Billy Bear takes a stroll across the hills to meet his friends in the forest.

He’s part of a teddy bear world created by former Birmingham Post photographer Jeremy Pardoe.

After retiring from the company four years ago, Jeremy was inspired to create beautiful cards as a result of his wife Maureen’s hobby.

“My wife has always been a collector of toys and dolls,” says Jeremy, 66 and from Tenbury Wells.

“We have lots of pictures of teddies around the house. I’ve always felt they’re pretty stiff and uninteresting, they’re always inanimate and not doing anything, just perhaps sat on a chair or looking at a book.

“I thought it would be good to have pictures of animated teddy bears enjoying the great outdoors.”

So, Jeremy took on a labour of love in creating his own bears, cutting, stitching and stuffing each one to give him the character he really wanted. “It was a bit of leap in the dark but I wanted to have a go at making the bears myself,” he explains.

“They were fairly rudimentary instructions: lay out the pattern, cut out the arms and body, lay it on the fabric, cut it out leaving a margin then sew up with a sewing machine.

Jeremy Pardoe with Bernard, left, and Brian Bear.
Jeremy Pardoe with Bernard, left, and Brian Bear.
 

“Using the sewing machine is a bit like cutting a piece of wood with a saw. You just have to follow the line, leaving a gap to put the stuffing in. It was the hand sewing at the end which was the hardest part. I thought the purists at my wife’s dolls club would say it wasn’t good enough if they looked closely but they said it wasn’t bad.”

It took Jeremy around six months to make his first bear Brian. He says: “To create a teddy bear world, the bears had to be the right perspective which meant they had to be fairly big. For the first one, I ordered a pattern and bought the fabric, which cost £120.

Once completed, Brian went on his first outing into the great outdoors, taking a walk through some autumn leaves.

“It was good taking pictures of him on his own but I felt I needed to get a bit of a family group,” recalls Jeremy.

“So I made Billy next. I had got some experience from making Brian so I was able to give Billy’s head and expression more of my own design.”

It was when Jeremy named his second bear that he realised he wanted this to be the name of his company.

He says: “My cousin Bill died a couple of years ago. He was 80 but fit as a fiddle so it was horribly unexpected. I decided to name my next two bears after him as well.

“I wanted to call the company Billy Bear Cards because I thought it sounded nice, it flows off the tongue.”

Jeremy went onto create a family of five bears all together, which he took out and about, setting up pictures of them in action.

Jeremy’s cards cost £10 for five including postage, or £3 each. His boundless creativity means he has plenty more ideas for cards in the future.

“I like the idea of one playing football, another fishing,” he laughs. “When the weather picks up, I’d like to take one to the coast and have him knee deep in the surf, holding a couple of mackerel with a smile on his face.

“I’ll have to make sure it’s a calm day otherwise he could get washed away!”

It takes around a day to create each image as Jeremy has to use lots of the tricks of the trade to make his bears really look capable of doing the activities he’s photographing.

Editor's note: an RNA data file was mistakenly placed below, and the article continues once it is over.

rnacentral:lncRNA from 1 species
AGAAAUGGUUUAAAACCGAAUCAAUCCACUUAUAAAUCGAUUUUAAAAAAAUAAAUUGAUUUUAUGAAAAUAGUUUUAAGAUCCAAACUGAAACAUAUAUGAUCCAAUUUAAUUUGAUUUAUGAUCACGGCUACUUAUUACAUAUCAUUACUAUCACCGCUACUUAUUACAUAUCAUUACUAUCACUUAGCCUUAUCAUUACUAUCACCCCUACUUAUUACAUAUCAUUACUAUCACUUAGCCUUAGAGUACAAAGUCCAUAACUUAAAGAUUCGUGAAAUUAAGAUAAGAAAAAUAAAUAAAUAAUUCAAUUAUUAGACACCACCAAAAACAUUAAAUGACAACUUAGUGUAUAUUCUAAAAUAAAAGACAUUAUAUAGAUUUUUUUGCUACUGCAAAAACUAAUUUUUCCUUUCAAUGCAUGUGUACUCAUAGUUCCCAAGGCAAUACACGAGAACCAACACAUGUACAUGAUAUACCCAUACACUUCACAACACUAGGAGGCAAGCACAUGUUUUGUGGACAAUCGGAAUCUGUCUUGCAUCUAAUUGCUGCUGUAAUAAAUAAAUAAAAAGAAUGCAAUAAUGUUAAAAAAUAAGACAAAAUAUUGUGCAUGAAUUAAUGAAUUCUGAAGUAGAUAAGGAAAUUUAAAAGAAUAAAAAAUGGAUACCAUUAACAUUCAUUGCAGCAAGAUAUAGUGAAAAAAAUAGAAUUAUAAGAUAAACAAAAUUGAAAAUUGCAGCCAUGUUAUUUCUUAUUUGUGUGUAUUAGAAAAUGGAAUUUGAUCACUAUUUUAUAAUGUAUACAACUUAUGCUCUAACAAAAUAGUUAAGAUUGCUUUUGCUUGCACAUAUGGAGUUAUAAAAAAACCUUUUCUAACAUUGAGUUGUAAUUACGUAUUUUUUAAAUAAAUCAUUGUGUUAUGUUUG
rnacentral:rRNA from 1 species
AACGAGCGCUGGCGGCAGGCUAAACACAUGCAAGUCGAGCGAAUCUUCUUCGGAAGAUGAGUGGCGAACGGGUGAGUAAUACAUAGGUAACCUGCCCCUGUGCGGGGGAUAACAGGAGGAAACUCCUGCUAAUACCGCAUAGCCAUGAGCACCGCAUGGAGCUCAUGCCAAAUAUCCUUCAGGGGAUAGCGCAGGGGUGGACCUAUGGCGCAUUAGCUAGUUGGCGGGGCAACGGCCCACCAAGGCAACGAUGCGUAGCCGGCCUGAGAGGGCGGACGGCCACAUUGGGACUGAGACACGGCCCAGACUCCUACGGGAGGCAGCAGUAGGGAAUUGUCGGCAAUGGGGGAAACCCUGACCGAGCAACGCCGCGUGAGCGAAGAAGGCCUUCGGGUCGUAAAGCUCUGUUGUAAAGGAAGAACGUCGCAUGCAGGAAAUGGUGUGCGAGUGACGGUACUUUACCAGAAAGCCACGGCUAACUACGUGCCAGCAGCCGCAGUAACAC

Jeremy Pardoe's Down in the woods today, left to right, Brebner, Baden, Brian, Bernard and Billy Bear.
Jeremy Pardoe's Down in the woods today, left to right, Brebner, Baden, Brian, Bernard and Billy Bear.
 

“I have a big frame I put over the bear and then I string him up with wires to get him into the position I want. I suppose it sounds a bit cruel really!

“I then do a picture of the background on its own and merge the two photographs together, getting rid of the wires on the computer to make it look like he’s really doing the activity.

“I made the bears with a rigid spine from neck to bottom and their heads are on a threaded ball joint which means they can move in any direction.”

“I don’t like cute bears,” he says. “They needed to look man-ish, capable, not girly and cuddly and fluffy. They’re bears with attitude.”

The first cards were printed just before Christmas and they’re already selling well.

“My daughter-in-law has been helping Billy Bear to get set up on Twitter. He has a daily thought on there, something philosophical or such like. My three grandchildren love the bears.”

Having only known her husband sewn the odd button on and done some “amateur trouser turning-up”, Maureen, 74, is understandably proud of his achievement.

Just before Jeremy left the Birmingham Post, she contracted encephalitis, a rare condition that causes inflammation of the brain.

“It’s an illness which kills 60 to 70 per cent of patients because it mimics the symptoms of a kidney infection and so sometimes goes undetected,” explains Jeremy.

“We were lucky the doctors caught Maureen’s in time but, sadly, it has caused brain damage so she struggles with her memory.

“She copes extremely well, she just gets on with life. I do most of the cooking now because she forgets the order to do things in.

“Fortunately I’m quite a practical person, that’s why I wasn’t daunted by the physical side of making the bears.

“I always remember my woodwork teacher telling me, in a Welsh accent: ‘measure twice and cut once.’

“It means be certain before you do something and I think that’s an excellent motto in life.”

Perhaps that will be Billy Bear’s next tweet...

* For more information, visit www.billybearcards.co.uk

Jeremy Pardoe's Brian, Baden, Bernard and Billy Bear out for walk on The Long Mynd above Church Stretton in Shropshire.
Jeremy Pardoe's Brian, Baden, Bernard and Billy Bear out for walk on The Long Mynd above Church Stretton in Shropshire.